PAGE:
My ASD experience — Scope | Disability forum
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My ASD experience

Bellholzo Community member Posts: 2 Listener
edited February 2017 in Autism and neurodiversity
For my whole life I've been experiencing many symptoms of ASD but was unable to put a possible name to it until the last year or so when I actually began speaking to other people who had been diagnosed and relating in so many different ways. I've been diagnosed as having general anxiety disorder and major depression aged 17 but it was one of those diagnosises that was a one appointment thing and not very indepth.

I went on antidepressants for several years and they made me very sick and didn't do much to resolve the issue. I've suffered very severe panic attacks in the last few years which I've managed to tame on the most part by switch from antidepressants to beta blockers, but I still feel the overbearing weight of ASD symptoms.

Being 22 next march, I'm a little nervous about approaching anyone about it, I find it hard to speak to people I know because of the worry of being judged, the concept of seeking diagnosis makes me very nervous but I know I need it because one of the biggest things holding me back in life is the intense doubt and uncertainty that rules my life and how I see myself as a person.

I don't feel like I "know" myself. My other source of nerves is my previous experience with mental health services, when I've approached GP's in the past and tried to explain that I feel this isn't anxiety or depression and something a little more widespread and deep-rooted (family has a history of mental health issues) I've been somewhat diverted, outright told I'm wrong or making too much of a big deal out of it which included being laughed at (because I imagine the way I struggle to express myself sometimes).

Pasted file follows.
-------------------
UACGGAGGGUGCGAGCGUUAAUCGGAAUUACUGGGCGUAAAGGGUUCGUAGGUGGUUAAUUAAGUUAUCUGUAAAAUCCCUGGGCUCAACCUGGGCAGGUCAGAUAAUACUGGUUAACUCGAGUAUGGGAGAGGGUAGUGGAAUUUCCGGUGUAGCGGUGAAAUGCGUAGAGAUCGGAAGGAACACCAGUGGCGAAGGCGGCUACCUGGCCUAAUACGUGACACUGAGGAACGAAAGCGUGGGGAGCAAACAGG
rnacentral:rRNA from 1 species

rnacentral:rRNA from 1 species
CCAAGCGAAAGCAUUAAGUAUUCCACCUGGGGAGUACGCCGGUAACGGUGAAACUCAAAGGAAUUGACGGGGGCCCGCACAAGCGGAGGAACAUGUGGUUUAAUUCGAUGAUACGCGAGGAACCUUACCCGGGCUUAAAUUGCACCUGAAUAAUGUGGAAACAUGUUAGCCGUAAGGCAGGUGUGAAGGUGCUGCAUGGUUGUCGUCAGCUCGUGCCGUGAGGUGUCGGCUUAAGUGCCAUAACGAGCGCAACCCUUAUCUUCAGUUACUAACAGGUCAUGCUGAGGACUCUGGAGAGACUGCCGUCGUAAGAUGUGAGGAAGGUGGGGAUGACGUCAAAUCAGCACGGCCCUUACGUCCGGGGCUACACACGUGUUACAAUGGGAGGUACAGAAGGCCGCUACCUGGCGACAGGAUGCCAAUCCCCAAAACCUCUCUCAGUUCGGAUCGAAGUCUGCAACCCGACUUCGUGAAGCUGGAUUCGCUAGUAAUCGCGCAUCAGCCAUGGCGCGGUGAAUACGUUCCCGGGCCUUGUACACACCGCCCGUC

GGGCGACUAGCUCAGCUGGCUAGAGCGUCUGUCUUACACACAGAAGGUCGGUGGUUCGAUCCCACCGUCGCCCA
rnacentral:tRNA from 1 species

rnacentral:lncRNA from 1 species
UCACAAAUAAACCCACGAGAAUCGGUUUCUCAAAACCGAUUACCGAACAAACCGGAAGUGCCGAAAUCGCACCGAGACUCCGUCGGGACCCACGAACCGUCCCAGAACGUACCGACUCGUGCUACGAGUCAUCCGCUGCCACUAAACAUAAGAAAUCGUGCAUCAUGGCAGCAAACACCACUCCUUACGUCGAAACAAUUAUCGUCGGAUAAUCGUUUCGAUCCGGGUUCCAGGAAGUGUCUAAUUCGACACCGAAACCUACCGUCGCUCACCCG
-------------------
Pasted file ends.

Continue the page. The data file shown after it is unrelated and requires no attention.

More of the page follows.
When I was put into CBT therapy for anxiety for the third time in 3 years (waiting list of roughly 8 months each time) I broke down on the second session and tried to express something I didn't know how to voice (I didn't know it could be ASD at the time.. but I knew it wasn't what they were stating it was) and instead of help and support I genuinely was met with someone who yelled at me and caused me to completely go into hysterics and I was discharged after that. I've been terrified to even mention therapy or seeking the diagnosis ever since. 

At this point I'm not sure what to do.. i have no idea where to start.. if it means seeing a new doctor at a different practise I will try that as I have recently moved. And if so any tips on how to bring it up as i really do struggle with human interaction especially with such an important and nerve wracking subject.. any kind of guidance there would be massively appreciated.